It’s easier to trace the links between the two interiors. In common with all M3s, the widely adjustable sport seats are truly supportive and the driving position easy to live with. The newer car feels darker and more enclosed, but the build quality and user-friendly dash and console layouts are similar. The same goes for the rear seats and boot space, making this the first practical everyday supercar.
And now it’s one of the most affordable. A good car with average mileage can be yours for less than £15,000. True, it’s expensive to run and insure, but reliability can be taken for granted.
BMW M3 (E30)
The original BMW E30 M3 was built to race – pure and simple. But it went beyond that and became the most successful touring car of all, with 80 titles to its name. Although a race to road car conversion had been seen before – the Audi Quattro is a notable example – the M3 fired the imagination of motorsport fans, and still does 11 years after its demise.
One of the first cars to have cosmetic surgery at the M Department, the M3 has bits bolted on all over. Jagged and angular, the body has a sense of purpose. This is no sculpted coupé, it’s a straightforward two-door racing. BMW put the wings and spoilers on the 3-Series because it wanted to go racing and had to make 5,000 cars to meet regulations. The fact that 17,184 examples drove through the factory gates between 1986-1990 demonstrates the E30′s cult appeal.
The body was designed to win races, but the 2.3 litre engine has a much more impressive claim to fame. It also saw action in the 1983 Brabham-BMW F1 car. The block was unmodified, but the use of a turbocharger allowed a few more horsepower to be extracted for Nelson Piquet to use – 1,300bhp to be precise.
On the road, you’d be forgiven for overlooking the engine’s exotic roots. After the rich and creamy straight-sixes of the later M3′s, the four-cylinder sounds about as racy and exciting as a wet weekend in Scarborough. It’s rough and lumpy at idle, and not much better at full chat. It does the job, though, pushing out 200bhp and 240Nm of torque, although you have to send the needle round to the higher section of the rev counter before anything meaningful starts to happen.
By present day standards, the 1,200kg machine is not particularly quick, returning acceleration times across the board that are matched by the current 325Ci – 0-60mph in 7.1 seconds and 50-70mph in fifth in around 9.5. But the oldest M3 feels much faster, thanks to its minimal sound-proofing, short gearing and raw manner. The gearbox is worth mentioning, too. A five-speed unit, it’s notable for having a dog-leg first gear, then forward for second, back for third and so on. It’s surprisingly easy to get to grips with.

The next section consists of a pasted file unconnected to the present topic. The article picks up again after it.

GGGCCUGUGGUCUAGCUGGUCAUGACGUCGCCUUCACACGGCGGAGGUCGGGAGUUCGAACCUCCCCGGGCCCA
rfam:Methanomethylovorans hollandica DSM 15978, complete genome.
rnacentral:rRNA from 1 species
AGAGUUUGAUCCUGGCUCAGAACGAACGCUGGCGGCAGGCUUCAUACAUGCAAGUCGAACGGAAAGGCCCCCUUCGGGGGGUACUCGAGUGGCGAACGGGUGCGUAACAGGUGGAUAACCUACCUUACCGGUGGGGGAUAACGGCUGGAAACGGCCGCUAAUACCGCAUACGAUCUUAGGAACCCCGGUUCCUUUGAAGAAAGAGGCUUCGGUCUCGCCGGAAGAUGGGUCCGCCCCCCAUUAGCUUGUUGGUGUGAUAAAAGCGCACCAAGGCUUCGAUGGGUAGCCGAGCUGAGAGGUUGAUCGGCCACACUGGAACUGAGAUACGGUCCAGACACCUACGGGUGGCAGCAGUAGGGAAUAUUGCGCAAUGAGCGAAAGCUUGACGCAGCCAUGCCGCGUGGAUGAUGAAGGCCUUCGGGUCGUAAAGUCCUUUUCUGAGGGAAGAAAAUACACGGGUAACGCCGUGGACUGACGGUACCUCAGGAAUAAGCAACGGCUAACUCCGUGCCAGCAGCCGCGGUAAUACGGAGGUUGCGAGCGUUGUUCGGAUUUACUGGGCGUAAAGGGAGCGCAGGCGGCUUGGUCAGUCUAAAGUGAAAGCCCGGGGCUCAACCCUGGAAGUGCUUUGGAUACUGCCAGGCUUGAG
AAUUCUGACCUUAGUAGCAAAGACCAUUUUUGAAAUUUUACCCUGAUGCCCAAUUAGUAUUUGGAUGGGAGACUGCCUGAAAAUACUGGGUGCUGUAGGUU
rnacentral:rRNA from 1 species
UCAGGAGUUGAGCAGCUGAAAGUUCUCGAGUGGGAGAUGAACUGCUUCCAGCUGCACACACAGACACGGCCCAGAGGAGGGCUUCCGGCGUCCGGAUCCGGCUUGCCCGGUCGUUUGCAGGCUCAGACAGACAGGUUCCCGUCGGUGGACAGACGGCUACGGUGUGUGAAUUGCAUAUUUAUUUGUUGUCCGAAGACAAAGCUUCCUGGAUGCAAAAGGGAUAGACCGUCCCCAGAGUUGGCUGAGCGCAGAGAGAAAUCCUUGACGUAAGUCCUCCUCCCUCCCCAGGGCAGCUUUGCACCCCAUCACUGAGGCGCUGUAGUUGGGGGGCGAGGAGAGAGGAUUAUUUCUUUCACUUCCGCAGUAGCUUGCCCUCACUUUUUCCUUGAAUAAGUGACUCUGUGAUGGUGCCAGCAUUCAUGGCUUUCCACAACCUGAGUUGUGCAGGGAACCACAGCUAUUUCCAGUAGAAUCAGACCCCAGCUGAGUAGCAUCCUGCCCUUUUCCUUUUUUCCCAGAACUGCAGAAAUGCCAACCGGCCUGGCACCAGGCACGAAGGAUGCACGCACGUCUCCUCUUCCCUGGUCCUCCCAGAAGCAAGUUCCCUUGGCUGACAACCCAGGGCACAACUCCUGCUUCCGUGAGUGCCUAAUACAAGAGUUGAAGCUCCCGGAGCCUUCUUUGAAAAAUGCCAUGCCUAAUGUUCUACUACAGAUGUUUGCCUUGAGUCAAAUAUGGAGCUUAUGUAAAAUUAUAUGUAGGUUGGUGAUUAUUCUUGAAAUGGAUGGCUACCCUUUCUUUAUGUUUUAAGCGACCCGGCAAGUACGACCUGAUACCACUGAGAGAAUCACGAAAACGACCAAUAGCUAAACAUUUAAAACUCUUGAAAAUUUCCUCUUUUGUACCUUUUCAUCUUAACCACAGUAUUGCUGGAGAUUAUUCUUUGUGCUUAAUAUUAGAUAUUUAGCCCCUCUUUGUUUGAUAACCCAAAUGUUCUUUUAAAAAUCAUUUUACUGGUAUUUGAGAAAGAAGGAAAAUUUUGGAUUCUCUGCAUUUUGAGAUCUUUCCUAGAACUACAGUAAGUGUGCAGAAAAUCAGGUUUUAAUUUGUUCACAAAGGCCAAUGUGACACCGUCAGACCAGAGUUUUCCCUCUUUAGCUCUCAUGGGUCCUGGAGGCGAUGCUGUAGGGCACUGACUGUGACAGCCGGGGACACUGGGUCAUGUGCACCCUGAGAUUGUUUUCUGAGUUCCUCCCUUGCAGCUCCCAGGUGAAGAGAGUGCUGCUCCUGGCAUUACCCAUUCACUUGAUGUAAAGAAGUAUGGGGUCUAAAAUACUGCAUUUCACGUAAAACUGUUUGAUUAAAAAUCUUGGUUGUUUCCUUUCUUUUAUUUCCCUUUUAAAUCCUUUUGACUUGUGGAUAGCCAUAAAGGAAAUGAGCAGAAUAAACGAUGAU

So is the car itself. Although the powerplants dominate proceedings in the newer pair, the older car is far better balanced and comes as refreshing change. Whereas power defines the new model, its grandfather has a chassis and engine that complement each other beautifully.
There’s enough grunt to be enjoyable, but the smiles widen at the first corner. The E30 has an extraordinary intimacy – the steering is light and trembles constantly with feedback, while the communicative chassis is extremely user-friendly. More importantly, you don’t need to be travelling at light speed to enjoy it. Up the pace and the front end will eventually push wide into understeer. But despite more modest grip, this is not a characteristic you’ll notice on public roads, where the older car feels vice-free.
Surprisingly for a machine with its roots planted so firmly in the racing world, the ride quality is rather good. The suspension is geared to providing the driver with information. So although the hard ride and noise means we would steer clear of long motorway journeys, the setup feels secure and compliant on B-roads. As you’d expect of a BMW, the interior has aged well, but the same can’t be said for the design. Time has now taken its toll on the brittle plastics and sharp-edged switchgear. More than those of the later cars, this is a cabin where the driver is the really important occupant – the suede-trimmed steering wheel feels superb and the driving position in the bucket seat is business-like. However, the upright body does at least mean passengers can get in and out without a struggle.
Ten versions of the E30 appeared – most of them limited editions – with later Evolution models having 220bhp and, finally 238bhp. All are superb and far more affordable now than in 1986 when the cost £22,750. Don’t expect luxuries, but for around £5,500 there’s nothing to touch the driving experience.